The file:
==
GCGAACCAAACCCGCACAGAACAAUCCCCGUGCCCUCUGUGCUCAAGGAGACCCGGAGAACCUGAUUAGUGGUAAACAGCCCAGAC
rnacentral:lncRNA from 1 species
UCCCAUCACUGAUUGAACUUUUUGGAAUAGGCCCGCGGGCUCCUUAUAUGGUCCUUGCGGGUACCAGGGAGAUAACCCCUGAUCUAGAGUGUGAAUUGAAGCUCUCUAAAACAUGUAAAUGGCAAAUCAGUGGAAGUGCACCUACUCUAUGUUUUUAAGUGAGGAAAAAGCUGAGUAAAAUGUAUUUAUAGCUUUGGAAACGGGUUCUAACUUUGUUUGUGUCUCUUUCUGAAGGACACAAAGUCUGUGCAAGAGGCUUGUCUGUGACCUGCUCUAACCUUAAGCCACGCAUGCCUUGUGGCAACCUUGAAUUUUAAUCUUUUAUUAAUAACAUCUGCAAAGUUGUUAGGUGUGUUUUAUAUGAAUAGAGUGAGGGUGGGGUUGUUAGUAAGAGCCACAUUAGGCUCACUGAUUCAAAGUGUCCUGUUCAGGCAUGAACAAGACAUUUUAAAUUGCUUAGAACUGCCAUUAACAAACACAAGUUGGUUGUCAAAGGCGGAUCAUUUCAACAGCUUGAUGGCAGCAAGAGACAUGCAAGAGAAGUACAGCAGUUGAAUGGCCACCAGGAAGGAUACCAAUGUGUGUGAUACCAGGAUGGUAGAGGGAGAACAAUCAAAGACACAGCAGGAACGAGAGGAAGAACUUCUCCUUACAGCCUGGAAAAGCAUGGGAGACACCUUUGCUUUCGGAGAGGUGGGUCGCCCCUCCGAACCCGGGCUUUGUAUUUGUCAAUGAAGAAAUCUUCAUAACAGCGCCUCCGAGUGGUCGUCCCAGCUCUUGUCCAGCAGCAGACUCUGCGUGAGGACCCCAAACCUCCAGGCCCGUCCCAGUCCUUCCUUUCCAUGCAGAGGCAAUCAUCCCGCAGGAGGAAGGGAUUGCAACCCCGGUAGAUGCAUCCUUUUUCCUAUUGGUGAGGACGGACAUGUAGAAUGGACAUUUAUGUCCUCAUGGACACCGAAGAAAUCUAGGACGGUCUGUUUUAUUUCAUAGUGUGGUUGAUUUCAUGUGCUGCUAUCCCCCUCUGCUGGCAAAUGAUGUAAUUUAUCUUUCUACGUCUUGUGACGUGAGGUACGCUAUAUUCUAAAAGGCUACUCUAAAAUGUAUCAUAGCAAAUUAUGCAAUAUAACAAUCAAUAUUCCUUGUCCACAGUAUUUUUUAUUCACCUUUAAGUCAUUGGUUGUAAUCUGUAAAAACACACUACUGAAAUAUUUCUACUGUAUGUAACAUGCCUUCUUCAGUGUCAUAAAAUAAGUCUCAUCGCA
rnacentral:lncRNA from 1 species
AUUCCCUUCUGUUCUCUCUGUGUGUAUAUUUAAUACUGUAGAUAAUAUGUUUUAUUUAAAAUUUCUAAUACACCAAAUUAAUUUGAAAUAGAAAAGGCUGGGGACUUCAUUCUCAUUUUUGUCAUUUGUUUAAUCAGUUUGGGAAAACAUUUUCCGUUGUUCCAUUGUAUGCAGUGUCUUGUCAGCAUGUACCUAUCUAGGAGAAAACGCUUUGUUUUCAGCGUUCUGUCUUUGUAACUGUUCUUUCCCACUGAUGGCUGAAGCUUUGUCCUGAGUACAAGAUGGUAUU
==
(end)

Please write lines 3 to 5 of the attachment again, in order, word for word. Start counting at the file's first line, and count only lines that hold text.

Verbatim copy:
UCCCAUCACUGAUUGAACUUUUUGGAAUAGGCCCGCGGGCUCCUUAUAUGGUCCUUGCGGGUACCAGGGAGAUAACCCCUGAUCUAGAGUGUGAAUUGAAGCUCUCUAAAACAUGUAAAUGGCAAAUCAGUGGAAGUGCACCUACUCUAUGUUUUUAAGUGAGGAAAAAGCUGAGUAAAAUGUAUUUAUAGCUUUGGAAACGGGUUCUAACUUUGUUUGUGUCUCUUUCUGAAGGACACAAAGUCUGUGCAAGAGGCUUGUCUGUGACCUGCUCUAACCUUAAGCCACGCAUGCCUUGUGGCAACCUUGAAUUUUAAUCUUUUAUUAAUAACAUCUGCAAAGUUGUUAGGUGUGUUUUAUAUGAAUAGAGUGAGGGUGGGGUUGUUAGUAAGAGCCACAUUAGGCUCACUGAUUCAAAGUGUCCUGUUCAGGCAUGAACAAGACAUUUUAAAUUGCUUAGAACUGCCAUUAACAAACACAAGUUGGUUGUCAAAGGCGGAUCAUUUCAACAGCUUGAUGGCAGCAAGAGACAUGCAAGAGAAGUACAGCAGUUGAAUGGCCACCAGGAAGGAUACCAAUGUGUGUGAUACCAGGAUGGUAGAGGGAGAACAAUCAAAGACACAGCAGGAACGAGAGGAAGAACUUCUCCUUACAGCCUGGAAAAGCAUGGGAGACACCUUUGCUUUCGGAGAGGUGGGUCGCCCCUCCGAACCCGGGCUUUGUAUUUGUCAAUGAAGAAAUCUUCAUAACAGCGCCUCCGAGUGGUCGUCCCAGCUCUUGUCCAGCAGCAGACUCUGCGUGAGGACCCCAAACCUCCAGGCCCGUCCCAGUCCUUCCUUUCCAUGCAGAGGCAAUCAUCCCGCAGGAGGAAGGGAUUGCAACCCCGGUAGAUGCAUCCUUUUUCCUAUUGGUGAGGACGGACAUGUAGAAUGGACAUUUAUGUCCUCAUGGACACCGAAGAAAUCUAGGACGGUCUGUUUUAUUUCAUAGUGUGGUUGAUUUCAUGUGCUGCUAUCCCCCUCUGCUGGCAAAUGAUGUAAUUUAUCUUUCUACGUCUUGUGACGUGAGGUACGCUAUAUUCUAAAAGGCUACUCUAAAAUGUAUCAUAGCAAAUUAUGCAAUAUAACAAUCAAUAUUCCUUGUCCACAGUAUUUUUUAUUCACCUUUAAGUCAUUGGUUGUAAUCUGUAAAAACACACUACUGAAAUAUUUCUACUGUAUGUAACAUGCCUUCUUCAGUGUCAUAAAAUAAGUCUCAUCGCA
rnacentral:lncRNA from 1 species
AUUCCCUUCUGUUCUCUCUGUGUGUAUAUUUAAUACUGUAGAUAAUAUGUUUUAUUUAAAAUUUCUAAUACACCAAAUUAAUUUGAAAUAGAAAAGGCUGGGGACUUCAUUCUCAUUUUUGUCAUUUGUUUAAUCAGUUUGGGAAAACAUUUUCCGUUGUUCCAUUGUAUGCAGUGUCUUGUCAGCAUGUACCUAUCUAGGAGAAAACGCUUUGUUUUCAGCGUUCUGUCUUUGUAACUGUUCUUUCCCACUGAUGGCUGAAGCUUUGUCCUGAGUACAAGAUGGUAUU